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Article: Mind the gap: What code-switching in literature can teach us about code-switching

TitleMind the gap: What code-switching in literature can teach us about code-switching
Authors
Keywordssociolinguistics
postcolonial literature
Borrowing
code-switching
multilingual literature
Issue Date2015
Citation
Language and Literature, 2015, v. 24, n. 3, p. 194-212 How to Cite?
Abstract© The Author(s) 2015. This article argues that contrary to sociolinguistic practice which emphasizes spontaneous speech as the main or only source of evidence, the study of literary code-switching (CS) can be relevant to an understanding of CS in general. CS is first distinguished from other forms of literary multilingualism and from borrowing. We then consider how CS fits in with the mimetic function in literary dialogue, and how its functions can be compared with those of natural speech. We will see that literary CS can provide a wealth of sociolinguistically relevant information on speech modes found in various communities, and is particularly apt to portray postcolonial tensions. More stylized CS in poetry and drama can also embody complex multicultural identities and patterns of language choice, even in the absence of strict verisimilitude.
Persistent Identifierhttp://hdl.handle.net/10722/276497
ISSN
2017 Impact Factor: 0.525
2015 SCImago Journal Rankings: 0.264

 

DC FieldValueLanguage
dc.contributor.authorWeston, Daniel-
dc.contributor.authorGardner-Chloros, Penelope-
dc.date.accessioned2019-09-18T08:33:47Z-
dc.date.available2019-09-18T08:33:47Z-
dc.date.issued2015-
dc.identifier.citationLanguage and Literature, 2015, v. 24, n. 3, p. 194-212-
dc.identifier.issn0963-9470-
dc.identifier.urihttp://hdl.handle.net/10722/276497-
dc.description.abstract© The Author(s) 2015. This article argues that contrary to sociolinguistic practice which emphasizes spontaneous speech as the main or only source of evidence, the study of literary code-switching (CS) can be relevant to an understanding of CS in general. CS is first distinguished from other forms of literary multilingualism and from borrowing. We then consider how CS fits in with the mimetic function in literary dialogue, and how its functions can be compared with those of natural speech. We will see that literary CS can provide a wealth of sociolinguistically relevant information on speech modes found in various communities, and is particularly apt to portray postcolonial tensions. More stylized CS in poetry and drama can also embody complex multicultural identities and patterns of language choice, even in the absence of strict verisimilitude.-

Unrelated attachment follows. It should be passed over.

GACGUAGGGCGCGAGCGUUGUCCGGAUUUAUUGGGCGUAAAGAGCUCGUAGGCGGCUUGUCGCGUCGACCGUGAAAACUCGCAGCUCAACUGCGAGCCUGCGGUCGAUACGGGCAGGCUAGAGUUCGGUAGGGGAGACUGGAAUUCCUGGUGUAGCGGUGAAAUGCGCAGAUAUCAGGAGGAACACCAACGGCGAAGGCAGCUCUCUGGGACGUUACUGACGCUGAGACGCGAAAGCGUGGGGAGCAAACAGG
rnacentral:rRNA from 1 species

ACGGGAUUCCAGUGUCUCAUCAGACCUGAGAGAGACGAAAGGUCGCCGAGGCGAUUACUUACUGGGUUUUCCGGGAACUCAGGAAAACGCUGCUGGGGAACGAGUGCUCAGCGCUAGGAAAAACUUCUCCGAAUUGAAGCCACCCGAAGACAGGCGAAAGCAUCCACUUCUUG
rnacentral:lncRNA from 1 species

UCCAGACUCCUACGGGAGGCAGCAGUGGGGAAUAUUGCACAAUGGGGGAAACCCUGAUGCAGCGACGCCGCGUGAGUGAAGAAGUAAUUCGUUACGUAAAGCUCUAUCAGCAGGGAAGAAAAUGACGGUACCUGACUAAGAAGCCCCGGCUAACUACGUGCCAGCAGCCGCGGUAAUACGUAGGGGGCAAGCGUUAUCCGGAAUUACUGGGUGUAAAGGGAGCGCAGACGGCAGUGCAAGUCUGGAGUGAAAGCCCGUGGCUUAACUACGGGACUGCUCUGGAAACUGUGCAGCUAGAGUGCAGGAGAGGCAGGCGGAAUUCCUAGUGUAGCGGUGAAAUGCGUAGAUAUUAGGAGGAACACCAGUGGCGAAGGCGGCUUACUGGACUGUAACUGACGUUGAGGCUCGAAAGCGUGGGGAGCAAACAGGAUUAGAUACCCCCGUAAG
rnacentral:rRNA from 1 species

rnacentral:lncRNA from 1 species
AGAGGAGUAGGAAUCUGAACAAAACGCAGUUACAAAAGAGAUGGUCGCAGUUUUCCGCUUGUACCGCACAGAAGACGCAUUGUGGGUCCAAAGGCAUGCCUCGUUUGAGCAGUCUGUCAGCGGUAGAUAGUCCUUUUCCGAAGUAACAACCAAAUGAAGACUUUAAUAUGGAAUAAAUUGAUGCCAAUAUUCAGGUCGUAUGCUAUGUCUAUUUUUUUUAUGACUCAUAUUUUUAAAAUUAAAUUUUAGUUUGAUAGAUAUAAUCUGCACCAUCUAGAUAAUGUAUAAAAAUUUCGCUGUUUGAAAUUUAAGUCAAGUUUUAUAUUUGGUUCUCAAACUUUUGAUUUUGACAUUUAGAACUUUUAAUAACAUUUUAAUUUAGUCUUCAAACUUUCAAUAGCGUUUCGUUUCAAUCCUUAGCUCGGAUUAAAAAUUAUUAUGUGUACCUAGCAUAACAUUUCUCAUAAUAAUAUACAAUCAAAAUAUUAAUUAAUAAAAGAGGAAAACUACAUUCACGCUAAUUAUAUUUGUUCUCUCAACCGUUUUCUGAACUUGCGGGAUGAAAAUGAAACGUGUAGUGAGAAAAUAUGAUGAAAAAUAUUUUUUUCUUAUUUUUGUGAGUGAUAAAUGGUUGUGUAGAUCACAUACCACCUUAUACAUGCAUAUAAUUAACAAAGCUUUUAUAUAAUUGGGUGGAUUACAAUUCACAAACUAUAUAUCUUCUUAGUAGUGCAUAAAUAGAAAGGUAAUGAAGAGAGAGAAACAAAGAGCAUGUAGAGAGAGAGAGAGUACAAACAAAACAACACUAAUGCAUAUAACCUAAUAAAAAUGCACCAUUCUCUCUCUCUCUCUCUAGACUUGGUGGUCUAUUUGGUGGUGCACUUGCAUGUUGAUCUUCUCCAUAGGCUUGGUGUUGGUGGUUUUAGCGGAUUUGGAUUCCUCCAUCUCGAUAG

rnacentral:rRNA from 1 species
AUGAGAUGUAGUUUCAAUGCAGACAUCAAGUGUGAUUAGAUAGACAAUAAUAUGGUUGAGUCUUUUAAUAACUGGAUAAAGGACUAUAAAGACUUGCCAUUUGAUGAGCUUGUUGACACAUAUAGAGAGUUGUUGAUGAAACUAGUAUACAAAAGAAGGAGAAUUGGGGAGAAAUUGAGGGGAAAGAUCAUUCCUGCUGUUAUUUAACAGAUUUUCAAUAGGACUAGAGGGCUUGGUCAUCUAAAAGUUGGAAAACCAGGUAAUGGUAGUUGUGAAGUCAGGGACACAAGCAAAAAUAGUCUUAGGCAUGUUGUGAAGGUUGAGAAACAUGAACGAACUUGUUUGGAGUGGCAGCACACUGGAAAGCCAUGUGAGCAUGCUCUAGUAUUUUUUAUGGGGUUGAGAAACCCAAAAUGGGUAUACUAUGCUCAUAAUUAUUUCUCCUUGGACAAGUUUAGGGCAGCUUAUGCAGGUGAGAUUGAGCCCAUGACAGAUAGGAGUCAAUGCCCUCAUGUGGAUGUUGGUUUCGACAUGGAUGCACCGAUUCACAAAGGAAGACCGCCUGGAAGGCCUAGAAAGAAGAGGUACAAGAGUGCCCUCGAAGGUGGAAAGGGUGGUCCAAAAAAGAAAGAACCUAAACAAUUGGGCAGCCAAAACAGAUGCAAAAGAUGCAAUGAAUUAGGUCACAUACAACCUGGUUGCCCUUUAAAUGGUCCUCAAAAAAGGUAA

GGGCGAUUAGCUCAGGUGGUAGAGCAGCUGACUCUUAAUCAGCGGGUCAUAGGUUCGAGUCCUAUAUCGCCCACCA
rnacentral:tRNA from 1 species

dc.languageeng-
dc.relation.ispartofLanguage and Literature-
dc.subjectsociolinguistics-
dc.subjectpostcolonial literature-
dc.subjectBorrowing-
dc.subjectcode-switching-
dc.subjectmultilingual literature-
dc.titleMind the gap: What code-switching in literature can teach us about code-switching-
dc.typeArticle-
dc.description.natureLink_to_subscribed_fulltext-
dc.identifier.doi10.1177/0963947015585066-
dc.identifier.scopuseid_2-s2.0-84939788084-
dc.identifier.volume24-
dc.identifier.issue3-
dc.identifier.spage194-
dc.identifier.epage212-
dc.identifier.eissn1461-7293-

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